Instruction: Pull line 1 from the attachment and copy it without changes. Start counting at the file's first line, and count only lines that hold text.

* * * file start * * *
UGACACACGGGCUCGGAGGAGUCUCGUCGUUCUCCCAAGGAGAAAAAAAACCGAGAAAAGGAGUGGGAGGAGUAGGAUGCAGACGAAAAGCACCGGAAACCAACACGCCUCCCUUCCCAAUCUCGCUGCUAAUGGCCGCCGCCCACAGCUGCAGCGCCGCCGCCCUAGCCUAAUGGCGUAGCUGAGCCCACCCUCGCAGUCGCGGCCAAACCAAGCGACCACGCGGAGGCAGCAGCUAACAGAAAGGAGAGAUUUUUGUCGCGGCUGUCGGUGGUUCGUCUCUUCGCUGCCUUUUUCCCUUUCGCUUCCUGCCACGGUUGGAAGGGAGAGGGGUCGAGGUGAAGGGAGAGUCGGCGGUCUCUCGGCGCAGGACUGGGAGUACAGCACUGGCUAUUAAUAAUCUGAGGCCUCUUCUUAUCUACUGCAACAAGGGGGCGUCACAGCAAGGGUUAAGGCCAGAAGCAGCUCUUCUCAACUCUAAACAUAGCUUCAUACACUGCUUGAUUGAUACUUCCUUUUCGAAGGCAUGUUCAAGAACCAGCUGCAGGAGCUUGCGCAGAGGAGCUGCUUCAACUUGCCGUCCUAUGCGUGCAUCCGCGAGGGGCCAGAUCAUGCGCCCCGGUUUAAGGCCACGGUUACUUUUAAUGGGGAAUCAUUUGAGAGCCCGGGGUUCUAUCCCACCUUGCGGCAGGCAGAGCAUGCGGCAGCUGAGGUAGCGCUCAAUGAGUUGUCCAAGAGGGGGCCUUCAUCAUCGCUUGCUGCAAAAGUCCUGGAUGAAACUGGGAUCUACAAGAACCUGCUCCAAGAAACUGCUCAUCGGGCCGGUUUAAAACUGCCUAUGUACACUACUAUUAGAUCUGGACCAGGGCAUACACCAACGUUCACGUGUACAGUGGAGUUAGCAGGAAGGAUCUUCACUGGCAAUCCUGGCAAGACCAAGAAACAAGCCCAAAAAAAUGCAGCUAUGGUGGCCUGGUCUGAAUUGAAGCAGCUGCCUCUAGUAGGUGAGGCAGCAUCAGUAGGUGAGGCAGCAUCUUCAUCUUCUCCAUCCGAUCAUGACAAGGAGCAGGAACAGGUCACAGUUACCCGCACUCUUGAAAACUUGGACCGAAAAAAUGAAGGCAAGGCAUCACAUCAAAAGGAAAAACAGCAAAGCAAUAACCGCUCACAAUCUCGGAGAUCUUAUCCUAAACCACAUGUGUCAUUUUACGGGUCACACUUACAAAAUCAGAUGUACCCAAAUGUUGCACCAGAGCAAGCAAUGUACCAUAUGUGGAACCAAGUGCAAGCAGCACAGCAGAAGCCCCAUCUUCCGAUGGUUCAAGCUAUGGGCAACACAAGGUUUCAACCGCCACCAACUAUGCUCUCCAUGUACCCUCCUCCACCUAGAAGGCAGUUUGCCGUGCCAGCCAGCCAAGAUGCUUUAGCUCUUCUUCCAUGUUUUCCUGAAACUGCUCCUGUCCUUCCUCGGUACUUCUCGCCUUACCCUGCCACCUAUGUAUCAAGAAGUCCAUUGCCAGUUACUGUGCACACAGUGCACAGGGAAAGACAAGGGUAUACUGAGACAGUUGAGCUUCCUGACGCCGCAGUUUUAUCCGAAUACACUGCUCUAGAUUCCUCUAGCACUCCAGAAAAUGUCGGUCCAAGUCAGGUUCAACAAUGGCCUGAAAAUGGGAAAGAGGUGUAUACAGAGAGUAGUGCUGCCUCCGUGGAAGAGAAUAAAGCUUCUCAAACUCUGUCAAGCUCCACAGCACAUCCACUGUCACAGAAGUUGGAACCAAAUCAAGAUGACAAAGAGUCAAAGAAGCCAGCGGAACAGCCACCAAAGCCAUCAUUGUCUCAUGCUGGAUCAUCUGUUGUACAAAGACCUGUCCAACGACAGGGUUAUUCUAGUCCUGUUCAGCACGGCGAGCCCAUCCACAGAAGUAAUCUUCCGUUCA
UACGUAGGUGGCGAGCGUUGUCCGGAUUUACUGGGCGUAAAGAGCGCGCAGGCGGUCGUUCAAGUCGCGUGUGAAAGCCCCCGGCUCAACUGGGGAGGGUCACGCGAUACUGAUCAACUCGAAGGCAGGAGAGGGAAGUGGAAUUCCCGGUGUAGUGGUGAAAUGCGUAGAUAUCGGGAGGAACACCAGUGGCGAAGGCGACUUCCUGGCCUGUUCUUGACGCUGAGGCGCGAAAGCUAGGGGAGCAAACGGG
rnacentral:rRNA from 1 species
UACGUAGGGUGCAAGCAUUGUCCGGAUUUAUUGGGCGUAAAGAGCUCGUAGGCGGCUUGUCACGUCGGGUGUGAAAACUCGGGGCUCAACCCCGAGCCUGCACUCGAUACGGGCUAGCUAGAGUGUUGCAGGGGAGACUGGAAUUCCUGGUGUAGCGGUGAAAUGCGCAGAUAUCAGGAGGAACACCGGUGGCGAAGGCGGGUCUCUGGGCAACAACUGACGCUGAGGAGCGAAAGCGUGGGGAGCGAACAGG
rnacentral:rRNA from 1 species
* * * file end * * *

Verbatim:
UGACACACGGGCUCGGAGGAGUCUCGUCGUUCUCCCAAGGAGAAAAAAAACCGAGAAAAGGAGUGGGAGGAGUAGGAUGCAGACGAAAAGCACCGGAAACCAACACGCCUCCCUUCCCAAUCUCGCUGCUAAUGGCCGCCGCCCACAGCUGCAGCGCCGCCGCCCUAGCCUAAUGGCGUAGCUGAGCCCACCCUCGCAGUCGCGGCCAAACCAAGCGACCACGCGGAGGCAGCAGCUAACAGAAAGGAGAGAUUUUUGUCGCGGCUGUCGGUGGUUCGUCUCUUCGCUGCCUUUUUCCCUUUCGCUUCCUGCCACGGUUGGAAGGGAGAGGGGUCGAGGUGAAGGGAGAGUCGGCGGUCUCUCGGCGCAGGACUGGGAGUACAGCACUGGCUAUUAAUAAUCUGAGGCCUCUUCUUAUCUACUGCAACAAGGGGGCGUCACAGCAAGGGUUAAGGCCAGAAGCAGCUCUUCUCAACUCUAAACAUAGCUUCAUACACUGCUUGAUUGAUACUUCCUUUUCGAAGGCAUGUUCAAGAACCAGCUGCAGGAGCUUGCGCAGAGGAGCUGCUUCAACUUGCCGUCCUAUGCGUGCAUCCGCGAGGGGCCAGAUCAUGCGCCCCGGUUUAAGGCCACGGUUACUUUUAAUGGGGAAUCAUUUGAGAGCCCGGGGUUCUAUCCCACCUUGCGGCAGGCAGAGCAUGCGGCAGCUGAGGUAGCGCUCAAUGAGUUGUCCAAGAGGGGGCCUUCAUCAUCGCUUGCUGCAAAAGUCCUGGAUGAAACUGGGAUCUACAAGAACCUGCUCCAAGAAACUGCUCAUCGGGCCGGUUUAAAACUGCCUAUGUACACUACUAUUAGAUCUGGACCAGGGCAUACACCAACGUUCACGUGUACAGUGGAGUUAGCAGGAAGGAUCUUCACUGGCAAUCCUGGCAAGACCAAGAAACAAGCCCAAAAAAAUGCAGCUAUGGUGGCCUGGUCUGAAUUGAAGCAGCUGCCUCUAGUAGGUGAGGCAGCAUCAGUAGGUGAGGCAGCAUCUUCAUCUUCUCCAUCCGAUCAUGACAAGGAGCAGGAACAGGUCACAGUUACCCGCACUCUUGAAAACUUGGACCGAAAAAAUGAAGGCAAGGCAUCACAUCAAAAGGAAAAACAGCAAAGCAAUAACCGCUCACAAUCUCGGAGAUCUUAUCCUAAACCACAUGUGUCAUUUUACGGGUCACACUUACAAAAUCAGAUGUACCCAAAUGUUGCACCAGAGCAAGCAAUGUACCAUAUGUGGAACCAAGUGCAAGCAGCACAGCAGAAGCCCCAUCUUCCGAUGGUUCAAGCUAUGGGCAACACAAGGUUUCAACCGCCACCAACUAUGCUCUCCAUGUACCCUCCUCCACCUAGAAGGCAGUUUGCCGUGCCAGCCAGCCAAGAUGCUUUAGCUCUUCUUCCAUGUUUUCCUGAAACUGCUCCUGUCCUUCCUCGGUACUUCUCGCCUUACCCUGCCACCUAUGUAUCAAGAAGUCCAUUGCCAGUUACUGUGCACACAGUGCACAGGGAAAGACAAGGGUAUACUGAGACAGUUGAGCUUCCUGACGCCGCAGUUUUAUCCGAAUACACUGCUCUAGAUUCCUCUAGCACUCCAGAAAAUGUCGGUCCAAGUCAGGUUCAACAAUGGCCUGAAAAUGGGAAAGAGGUGUAUACAGAGAGUAGUGCUGCCUCCGUGGAAGAGAAUAAAGCUUCUCAAACUCUGUCAAGCUCCACAGCACAUCCACUGUCACAGAAGUUGGAACCAAAUCAAGAUGACAAAGAGUCAAAGAAGCCAGCGGAACAGCCACCAAAGCCAUCAUUGUCUCAUGCUGGAUCAUCUGUUGUACAAAGACCUGUCCAACGACAGGGUUAUUCUAGUCCUGUUCAGCACGGCGAGCCCAUCCACAGAAGUAAUCUUCCGUUCA